Genealogy Data Page 16 (Notes Pages)


Maynadier, Daniel (b. , d. 1745)

Note: The Reverend Daniel Maynadier was the rector of St. Peter's Parish, Talbot County, Maryland.
Source: (Individual)
Abbreviation: Papenfuse
Title: Edward C. Papenfuse, et al, A Biographical Dictionary of the Maryland L
egislature, 1635-1789 (Baltimore, Maryland: Johns Hopkins University Pr
ess, 1979, 1985)
egislature, 1635-1789
egislature, 1635-1789. Baltimore, Maryland: Johns Hopkins University Pr
ess, 1979, 1985.
Given Name: Daniel
Death: 1745
Change: Date: 9 Feb 2003

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Murray, William (b. 1692, d. 1763)
Note: Dr. William Murray was born in Scotland in Tullibardine Castle, the seat of the Dukes of Atholl, whose family name is Murray. But the exact relationship has not yet been established. Given the history of the devlopment of surnames in Scotland, it is entirely possible, even probable, that his relationship to the Dukes of Atholl was not close.

He emigrated to Maryland about 1716, where he practiced medicine "without previous study of the profession." Regardless, he did well enough to see his children well established in the highest reaches of Maryland society.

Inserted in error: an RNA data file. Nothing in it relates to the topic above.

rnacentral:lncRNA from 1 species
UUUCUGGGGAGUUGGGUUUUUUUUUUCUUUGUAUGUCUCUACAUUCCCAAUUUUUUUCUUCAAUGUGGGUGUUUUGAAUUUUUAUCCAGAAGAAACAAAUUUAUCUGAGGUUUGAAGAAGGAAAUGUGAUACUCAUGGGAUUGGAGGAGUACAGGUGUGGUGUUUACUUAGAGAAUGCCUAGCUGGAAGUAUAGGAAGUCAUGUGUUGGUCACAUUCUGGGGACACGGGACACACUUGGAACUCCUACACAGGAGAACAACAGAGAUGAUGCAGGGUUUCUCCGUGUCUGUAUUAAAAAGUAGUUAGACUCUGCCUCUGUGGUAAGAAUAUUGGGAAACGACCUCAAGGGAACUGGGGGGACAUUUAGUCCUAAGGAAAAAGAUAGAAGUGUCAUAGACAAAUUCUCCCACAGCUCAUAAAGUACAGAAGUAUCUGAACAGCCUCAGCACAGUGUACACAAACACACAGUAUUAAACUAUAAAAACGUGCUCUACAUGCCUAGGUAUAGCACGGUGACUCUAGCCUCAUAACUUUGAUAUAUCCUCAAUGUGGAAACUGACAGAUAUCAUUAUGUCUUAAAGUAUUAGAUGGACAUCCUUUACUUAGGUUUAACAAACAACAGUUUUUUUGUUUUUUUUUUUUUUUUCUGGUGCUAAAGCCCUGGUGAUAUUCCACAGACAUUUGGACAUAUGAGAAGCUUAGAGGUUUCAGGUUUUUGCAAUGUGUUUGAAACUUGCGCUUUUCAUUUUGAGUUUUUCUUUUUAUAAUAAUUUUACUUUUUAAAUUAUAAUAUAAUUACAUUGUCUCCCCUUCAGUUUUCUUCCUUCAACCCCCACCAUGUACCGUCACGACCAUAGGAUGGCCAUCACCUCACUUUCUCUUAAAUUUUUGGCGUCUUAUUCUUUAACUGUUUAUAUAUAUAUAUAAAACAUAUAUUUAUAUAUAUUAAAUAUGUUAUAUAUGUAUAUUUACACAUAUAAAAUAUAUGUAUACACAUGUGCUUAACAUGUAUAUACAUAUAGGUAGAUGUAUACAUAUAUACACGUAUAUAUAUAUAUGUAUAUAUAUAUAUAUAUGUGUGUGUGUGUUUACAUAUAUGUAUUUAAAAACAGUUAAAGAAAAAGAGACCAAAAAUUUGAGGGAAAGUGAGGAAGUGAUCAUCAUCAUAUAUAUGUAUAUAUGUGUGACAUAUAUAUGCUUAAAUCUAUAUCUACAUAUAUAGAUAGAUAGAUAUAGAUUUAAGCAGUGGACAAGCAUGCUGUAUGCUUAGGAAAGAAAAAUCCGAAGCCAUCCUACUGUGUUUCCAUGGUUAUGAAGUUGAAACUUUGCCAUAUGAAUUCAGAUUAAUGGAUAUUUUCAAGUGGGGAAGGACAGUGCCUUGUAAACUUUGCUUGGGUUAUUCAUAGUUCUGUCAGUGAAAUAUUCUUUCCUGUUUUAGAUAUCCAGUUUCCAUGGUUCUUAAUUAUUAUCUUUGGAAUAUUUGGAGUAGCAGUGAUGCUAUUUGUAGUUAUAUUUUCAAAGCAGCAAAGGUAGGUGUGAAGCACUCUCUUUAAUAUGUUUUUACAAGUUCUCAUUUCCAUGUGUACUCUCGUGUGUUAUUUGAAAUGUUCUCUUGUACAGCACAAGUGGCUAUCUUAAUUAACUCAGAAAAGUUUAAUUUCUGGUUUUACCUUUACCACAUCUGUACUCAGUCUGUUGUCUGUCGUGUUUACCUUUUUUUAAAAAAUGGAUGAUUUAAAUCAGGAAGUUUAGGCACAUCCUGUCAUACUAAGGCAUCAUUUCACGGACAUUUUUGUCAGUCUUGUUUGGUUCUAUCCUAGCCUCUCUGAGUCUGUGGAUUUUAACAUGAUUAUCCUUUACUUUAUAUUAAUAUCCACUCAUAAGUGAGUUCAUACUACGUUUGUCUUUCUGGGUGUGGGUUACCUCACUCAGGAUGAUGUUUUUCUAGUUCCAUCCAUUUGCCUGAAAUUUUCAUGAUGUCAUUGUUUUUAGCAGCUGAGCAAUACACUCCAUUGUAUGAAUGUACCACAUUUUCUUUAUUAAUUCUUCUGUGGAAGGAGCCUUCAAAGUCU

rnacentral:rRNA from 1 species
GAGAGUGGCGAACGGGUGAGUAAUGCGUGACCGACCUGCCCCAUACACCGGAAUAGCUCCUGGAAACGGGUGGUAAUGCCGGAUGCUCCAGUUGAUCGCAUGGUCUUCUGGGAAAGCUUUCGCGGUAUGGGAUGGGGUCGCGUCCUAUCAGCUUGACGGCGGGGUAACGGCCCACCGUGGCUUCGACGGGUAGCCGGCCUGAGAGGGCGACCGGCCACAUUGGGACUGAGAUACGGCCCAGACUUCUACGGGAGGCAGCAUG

Source: (Individual)
Abbreviation: Papenfuse
Title: Edward C. Papenfuse, et al, A Biographical Dictionary of the Maryland L
egislature, 1635-1789 (Baltimore, Maryland: Johns Hopkins University Pr
ess, 1979, 1985)
egislature, 1635-1789
egislature, 1635-1789. Baltimore, Maryland: Johns Hopkins University Pr
ess, 1979, 1985.
Given Name: William
Death: 1763
Change: Date: 9 Feb 2003

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Ennalls, Sarah (b. 14 SEP 1697, d. 19 NOV 1742)
Given Name: Sarah
Death: 19 NOV 1742
Change: Date: 9 Feb 2003

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Sim, Patrick (b. , d. 24 OCT 1740)
Source: (Individual)
Abbreviation: Maryland Genealogies
Title: Maryland genealogies: A Consolidation of Articles from the Maryland His
torical Magazine (Baltimore, Maryland: Genealogical Publishing Company, 1
980)
torical Magazine
torical Magazine. Baltimore, Maryland: Genealogical Publishing Company, 1
980.
Page: "The Brooke Family," pp. 91-102.
Source: (Individual)
Abbreviation: Papenfuse
Title: Edward C. Papenfuse, et al, A Biographical Dictionary of the Maryland L
egislature, 1635-1789 (Baltimore, Maryland: Johns Hopkins University Pr
ess, 1979, 1985)
egislature, 1635-1789
egislature, 1635-1789. Baltimore, Maryland: Johns Hopkins University Pr
ess, 1979, 1985.
Given Name: Patrick
Death: 24 OCT 1740
Change: Date: 9 Feb 2003

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Brooke, Mary (b. )
Given Name: Mary
Change: Date: 9 Feb 2003